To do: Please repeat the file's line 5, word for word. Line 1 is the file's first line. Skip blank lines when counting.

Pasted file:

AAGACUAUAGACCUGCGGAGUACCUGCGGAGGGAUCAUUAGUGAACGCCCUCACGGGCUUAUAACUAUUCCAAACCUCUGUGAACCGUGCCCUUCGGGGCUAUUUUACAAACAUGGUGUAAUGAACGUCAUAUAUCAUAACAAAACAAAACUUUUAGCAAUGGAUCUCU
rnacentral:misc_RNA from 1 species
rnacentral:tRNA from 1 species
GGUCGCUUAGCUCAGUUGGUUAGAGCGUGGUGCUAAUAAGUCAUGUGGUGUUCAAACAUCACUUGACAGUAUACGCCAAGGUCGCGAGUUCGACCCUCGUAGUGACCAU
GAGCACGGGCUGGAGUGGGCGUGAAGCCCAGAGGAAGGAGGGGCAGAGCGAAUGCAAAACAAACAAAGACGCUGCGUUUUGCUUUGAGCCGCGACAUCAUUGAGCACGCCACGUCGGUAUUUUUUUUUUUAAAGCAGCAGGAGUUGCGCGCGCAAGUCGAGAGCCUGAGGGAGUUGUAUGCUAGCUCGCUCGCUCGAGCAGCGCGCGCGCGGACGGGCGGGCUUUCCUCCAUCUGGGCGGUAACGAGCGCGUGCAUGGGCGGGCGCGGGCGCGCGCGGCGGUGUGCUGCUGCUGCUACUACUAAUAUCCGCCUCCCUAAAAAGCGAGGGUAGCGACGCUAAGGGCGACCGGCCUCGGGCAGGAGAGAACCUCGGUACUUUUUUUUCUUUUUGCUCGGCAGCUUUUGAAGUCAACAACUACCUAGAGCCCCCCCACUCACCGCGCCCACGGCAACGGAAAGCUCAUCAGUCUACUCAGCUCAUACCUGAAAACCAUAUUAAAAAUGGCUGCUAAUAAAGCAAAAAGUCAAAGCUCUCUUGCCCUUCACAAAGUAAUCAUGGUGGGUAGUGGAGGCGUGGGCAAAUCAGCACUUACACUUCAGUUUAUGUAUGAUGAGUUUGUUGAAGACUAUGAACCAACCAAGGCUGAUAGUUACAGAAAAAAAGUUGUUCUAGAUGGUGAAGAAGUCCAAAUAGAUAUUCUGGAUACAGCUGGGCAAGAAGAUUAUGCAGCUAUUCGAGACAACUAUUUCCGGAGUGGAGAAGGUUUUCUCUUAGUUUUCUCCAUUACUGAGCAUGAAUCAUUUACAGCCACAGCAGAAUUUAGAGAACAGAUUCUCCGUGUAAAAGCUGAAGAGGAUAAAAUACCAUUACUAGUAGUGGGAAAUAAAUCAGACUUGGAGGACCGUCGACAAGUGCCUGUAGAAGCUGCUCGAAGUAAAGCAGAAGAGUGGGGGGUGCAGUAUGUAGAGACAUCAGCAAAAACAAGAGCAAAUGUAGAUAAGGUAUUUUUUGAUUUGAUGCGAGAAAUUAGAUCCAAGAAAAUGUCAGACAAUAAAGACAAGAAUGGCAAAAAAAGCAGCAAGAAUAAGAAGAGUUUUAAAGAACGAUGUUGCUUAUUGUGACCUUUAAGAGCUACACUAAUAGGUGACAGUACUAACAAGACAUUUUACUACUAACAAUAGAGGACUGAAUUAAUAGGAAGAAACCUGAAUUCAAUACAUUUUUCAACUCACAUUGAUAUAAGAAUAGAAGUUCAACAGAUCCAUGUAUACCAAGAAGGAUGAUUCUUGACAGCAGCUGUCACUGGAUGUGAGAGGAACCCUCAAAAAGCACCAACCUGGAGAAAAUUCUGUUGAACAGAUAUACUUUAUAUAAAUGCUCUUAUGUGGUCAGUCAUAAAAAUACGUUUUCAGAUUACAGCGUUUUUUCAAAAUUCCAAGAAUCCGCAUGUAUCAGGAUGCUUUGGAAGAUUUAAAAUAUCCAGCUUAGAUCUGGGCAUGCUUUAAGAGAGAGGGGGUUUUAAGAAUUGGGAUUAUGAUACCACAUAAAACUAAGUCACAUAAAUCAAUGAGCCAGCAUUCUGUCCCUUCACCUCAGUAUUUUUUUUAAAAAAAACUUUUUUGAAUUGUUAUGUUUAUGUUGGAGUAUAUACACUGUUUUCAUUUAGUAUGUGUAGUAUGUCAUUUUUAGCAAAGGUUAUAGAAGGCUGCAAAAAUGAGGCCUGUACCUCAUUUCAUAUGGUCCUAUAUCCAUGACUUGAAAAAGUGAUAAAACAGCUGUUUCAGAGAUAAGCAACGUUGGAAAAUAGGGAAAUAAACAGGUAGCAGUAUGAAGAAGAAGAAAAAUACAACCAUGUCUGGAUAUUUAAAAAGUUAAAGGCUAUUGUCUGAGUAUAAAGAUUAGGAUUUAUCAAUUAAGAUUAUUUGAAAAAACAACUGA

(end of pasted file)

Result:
GAGCACGGGCUGGAGUGGGCGUGAAGCCCAGAGGAAGGAGGGGCAGAGCGAAUGCAAAACAAACAAAGACGCUGCGUUUUGCUUUGAGCCGCGACAUCAUUGAGCACGCCACGUCGGUAUUUUUUUUUUUAAAGCAGCAGGAGUUGCGCGCGCAAGUCGAGAGCCUGAGGGAGUUGUAUGCUAGCUCGCUCGCUCGAGCAGCGCGCGCGCGGACGGGCGGGCUUUCCUCCAUCUGGGCGGUAACGAGCGCGUGCAUGGGCGGGCGCGGGCGCGCGCGGCGGUGUGCUGCUGCUGCUACUACUAAUAUCCGCCUCCCUAAAAAGCGAGGGUAGCGACGCUAAGGGCGACCGGCCUCGGGCAGGAGAGAACCUCGGUACUUUUUUUUCUUUUUGCUCGGCAGCUUUUGAAGUCAACAACUACCUAGAGCCCCCCCACUCACCGCGCCCACGGCAACGGAAAGCUCAUCAGUCUACUCAGCUCAUACCUGAAAACCAUAUUAAAAAUGGCUGCUAAUAAAGCAAAAAGUCAAAGCUCUCUUGCCCUUCACAAAGUAAUCAUGGUGGGUAGUGGAGGCGUGGGCAAAUCAGCACUUACACUUCAGUUUAUGUAUGAUGAGUUUGUUGAAGACUAUGAACCAACCAAGGCUGAUAGUUACAGAAAAAAAGUUGUUCUAGAUGGUGAAGAAGUCCAAAUAGAUAUUCUGGAUACAGCUGGGCAAGAAGAUUAUGCAGCUAUUCGAGACAACUAUUUCCGGAGUGGAGAAGGUUUUCUCUUAGUUUUCUCCAUUACUGAGCAUGAAUCAUUUACAGCCACAGCAGAAUUUAGAGAACAGAUUCUCCGUGUAAAAGCUGAAGAGGAUAAAAUACCAUUACUAGUAGUGGGAAAUAAAUCAGACUUGGAGGACCGUCGACAAGUGCCUGUAGAAGCUGCUCGAAGUAAAGCAGAAGAGUGGGGGGUGCAGUAUGUAGAGACAUCAGCAAAAACAAGAGCAAAUGUAGAUAAGGUAUUUUUUGAUUUGAUGCGAGAAAUUAGAUCCAAGAAAAUGUCAGACAAUAAAGACAAGAAUGGCAAAAAAAGCAGCAAGAAUAAGAAGAGUUUUAAAGAACGAUGUUGCUUAUUGUGACCUUUAAGAGCUACACUAAUAGGUGACAGUACUAACAAGACAUUUUACUACUAACAAUAGAGGACUGAAUUAAUAGGAAGAAACCUGAAUUCAAUACAUUUUUCAACUCACAUUGAUAUAAGAAUAGAAGUUCAACAGAUCCAUGUAUACCAAGAAGGAUGAUUCUUGACAGCAGCUGUCACUGGAUGUGAGAGGAACCCUCAAAAAGCACCAACCUGGAGAAAAUUCUGUUGAACAGAUAUACUUUAUAUAAAUGCUCUUAUGUGGUCAGUCAUAAAAAUACGUUUUCAGAUUACAGCGUUUUUUCAAAAUUCCAAGAAUCCGCAUGUAUCAGGAUGCUUUGGAAGAUUUAAAAUAUCCAGCUUAGAUCUGGGCAUGCUUUAAGAGAGAGGGGGUUUUAAGAAUUGGGAUUAUGAUACCACAUAAAACUAAGUCACAUAAAUCAAUGAGCCAGCAUUCUGUCCCUUCACCUCAGUAUUUUUUUUAAAAAAAACUUUUUUGAAUUGUUAUGUUUAUGUUGGAGUAUAUACACUGUUUUCAUUUAGUAUGUGUAGUAUGUCAUUUUUAGCAAAGGUUAUAGAAGGCUGCAAAAAUGAGGCCUGUACCUCAUUUCAUAUGGUCCUAUAUCCAUGACUUGAAAAAGUGAUAAAACAGCUGUUUCAGAGAUAAGCAACGUUGGAAAAUAGGGAAAUAAACAGGUAGCAGUAUGAAGAAGAAGAAAAAUACAACCAUGUCUGGAUAUUUAAAAAGUUAAAGGCUAUUGUCUGAGUAUAAAGAUUAGGAUUUAUCAAUUAAGAUUAUUUGAAAAAACAACUGA